Friday, December 22, 2006

Chek Jawa trespassing

Today is my third trip to Ubin and first time to Chek Jawa. Was contemplating whether to go Chek Jawa or the on-going Garden Festival due to the bad and unpredictable weather. But decided to go ahead with my plan with the company of Fiona.

What freak weather today was! Rain and stop, rain and stop for about 3 times. Lucky thats all or the entire trip will be ruined.

Anyway, on the bumboat trip to Ubin, I saw a vaguely familar face. He looked like the seasoned semakau guide, Ron who gave a talk during one of the trainee lectures. My suspicions were confirmed when I heard him say "coral rubble", "semakau" and other marine stuff but was paisei to say hi (opps). Didn't think he remembered me anyway.

At the island we went straight to rent a two seater bike as Na was uncomfortable riding alone. I asked the shop-owner the way to Chek Jawa and he discouragingly told us not to go as the trail was hard to ride through and we can’t see much at this time. He even gave us the wrong direction! I just muttered that we will explore other places instead but still cycled towards Punai Hut, determined to reach my goal for the day.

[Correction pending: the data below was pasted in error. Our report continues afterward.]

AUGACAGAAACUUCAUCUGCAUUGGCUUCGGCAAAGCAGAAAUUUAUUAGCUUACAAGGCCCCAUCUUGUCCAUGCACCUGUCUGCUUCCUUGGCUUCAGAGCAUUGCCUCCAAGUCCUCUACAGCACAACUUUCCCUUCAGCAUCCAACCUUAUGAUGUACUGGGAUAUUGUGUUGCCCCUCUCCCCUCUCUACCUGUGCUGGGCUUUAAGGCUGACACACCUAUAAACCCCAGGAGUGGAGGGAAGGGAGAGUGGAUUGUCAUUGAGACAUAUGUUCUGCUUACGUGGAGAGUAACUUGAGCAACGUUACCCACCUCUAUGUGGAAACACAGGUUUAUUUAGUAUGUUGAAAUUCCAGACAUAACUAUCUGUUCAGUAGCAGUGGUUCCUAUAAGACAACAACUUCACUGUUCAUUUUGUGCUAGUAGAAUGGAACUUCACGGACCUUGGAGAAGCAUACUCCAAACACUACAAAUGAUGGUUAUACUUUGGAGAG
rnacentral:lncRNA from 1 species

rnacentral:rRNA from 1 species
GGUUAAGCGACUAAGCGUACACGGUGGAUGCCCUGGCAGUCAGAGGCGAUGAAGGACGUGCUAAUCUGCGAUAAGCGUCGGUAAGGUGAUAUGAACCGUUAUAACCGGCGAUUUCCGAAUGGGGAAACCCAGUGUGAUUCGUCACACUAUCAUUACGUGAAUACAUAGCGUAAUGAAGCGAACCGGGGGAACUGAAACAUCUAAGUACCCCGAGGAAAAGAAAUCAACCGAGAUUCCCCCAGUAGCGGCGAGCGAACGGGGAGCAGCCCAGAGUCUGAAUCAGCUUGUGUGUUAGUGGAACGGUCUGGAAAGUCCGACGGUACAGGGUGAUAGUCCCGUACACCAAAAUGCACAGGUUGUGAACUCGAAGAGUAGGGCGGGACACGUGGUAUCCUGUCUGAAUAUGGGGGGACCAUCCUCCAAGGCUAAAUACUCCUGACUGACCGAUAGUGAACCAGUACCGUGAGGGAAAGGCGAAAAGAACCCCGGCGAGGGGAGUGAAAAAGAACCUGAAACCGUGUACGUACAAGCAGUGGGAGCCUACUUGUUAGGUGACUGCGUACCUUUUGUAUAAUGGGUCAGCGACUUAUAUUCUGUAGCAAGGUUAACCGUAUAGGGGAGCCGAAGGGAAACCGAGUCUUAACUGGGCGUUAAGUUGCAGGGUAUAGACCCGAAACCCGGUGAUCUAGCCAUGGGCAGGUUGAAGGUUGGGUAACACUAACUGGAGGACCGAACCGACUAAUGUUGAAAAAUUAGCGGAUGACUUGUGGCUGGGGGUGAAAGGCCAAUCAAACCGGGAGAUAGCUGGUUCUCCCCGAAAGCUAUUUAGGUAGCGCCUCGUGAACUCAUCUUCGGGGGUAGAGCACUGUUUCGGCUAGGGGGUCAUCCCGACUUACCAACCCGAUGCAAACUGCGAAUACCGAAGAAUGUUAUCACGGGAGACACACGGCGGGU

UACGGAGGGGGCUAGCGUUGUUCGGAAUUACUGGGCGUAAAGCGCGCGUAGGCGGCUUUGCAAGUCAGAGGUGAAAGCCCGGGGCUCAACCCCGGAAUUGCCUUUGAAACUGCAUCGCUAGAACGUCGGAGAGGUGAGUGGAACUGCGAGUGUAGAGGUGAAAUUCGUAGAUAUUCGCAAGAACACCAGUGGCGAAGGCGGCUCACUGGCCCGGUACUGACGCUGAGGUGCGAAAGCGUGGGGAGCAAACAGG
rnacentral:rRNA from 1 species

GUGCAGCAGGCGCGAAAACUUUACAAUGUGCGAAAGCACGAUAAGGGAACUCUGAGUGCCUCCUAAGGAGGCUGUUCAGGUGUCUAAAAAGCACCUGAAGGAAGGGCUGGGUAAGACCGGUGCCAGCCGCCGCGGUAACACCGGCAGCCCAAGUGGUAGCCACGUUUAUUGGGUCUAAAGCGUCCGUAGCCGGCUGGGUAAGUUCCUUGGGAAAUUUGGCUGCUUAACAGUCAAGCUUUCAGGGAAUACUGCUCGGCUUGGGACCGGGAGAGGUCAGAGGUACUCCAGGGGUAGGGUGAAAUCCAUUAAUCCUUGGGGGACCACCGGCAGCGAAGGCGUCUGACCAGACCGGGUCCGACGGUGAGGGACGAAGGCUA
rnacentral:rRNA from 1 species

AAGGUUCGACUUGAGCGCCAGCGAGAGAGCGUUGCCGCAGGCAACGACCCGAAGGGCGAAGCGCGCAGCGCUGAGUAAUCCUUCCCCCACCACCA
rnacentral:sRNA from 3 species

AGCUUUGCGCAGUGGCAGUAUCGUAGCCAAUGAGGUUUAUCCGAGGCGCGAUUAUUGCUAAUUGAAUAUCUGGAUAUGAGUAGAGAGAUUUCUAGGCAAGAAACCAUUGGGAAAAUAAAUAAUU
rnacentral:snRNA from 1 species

The way there was horrible! :S After passing through Kelichap Hut, the once rocky trail become a muddy one which made it so difficult to cycle. Not to mention all those up-slopes! Think we practically strained every fiber of our thigh muscles to cycle up. But of cos after awhile we gave up and push the bike instead. Even more gross were those nasty "commando" mosquitoes... Soooo.... many of them around stinging us.

Graffiti mud designs on Na's back

But we had a nice surprise when I saw 2 puppies sitting beside the trail. They were so cute! Just like those cuttie puppies from books and internet.

We reached Punai Hut soon after (half dead by then) and there was a mini-bus there already. A person was calling and giving instructions and I realised that we came when theres a guided tour today. There was also a barricade which I dun remember last time with a bangla worker standing guard. More people soon came and group by group they went through through the barricade. I was thinking that we are done for this time as I dun see how we can get pass the route.

But well, we tried sneaking in anyway but was caught by one of the guides =S So I asked her whether can tagged along with one of the groups and she directed me to one of the guides, Adelle (not sure I got the name correct) and ahh... yes, she kindly allowed us to join the tour =D. O, and I saw those 2 puppies with them, to bring back and see who wana keep them as I heard later.

Off we went towards Chek Jawa. The first thing that greeted me was the half-constructed boardwalk. But I was more amazed at the vast outstretch of lagoon. Man, this intertidal area is so big.

Thats alot of sea-grasses there

And so, the guiding starts:

Adelle talking about the prop roots of the Rhizophora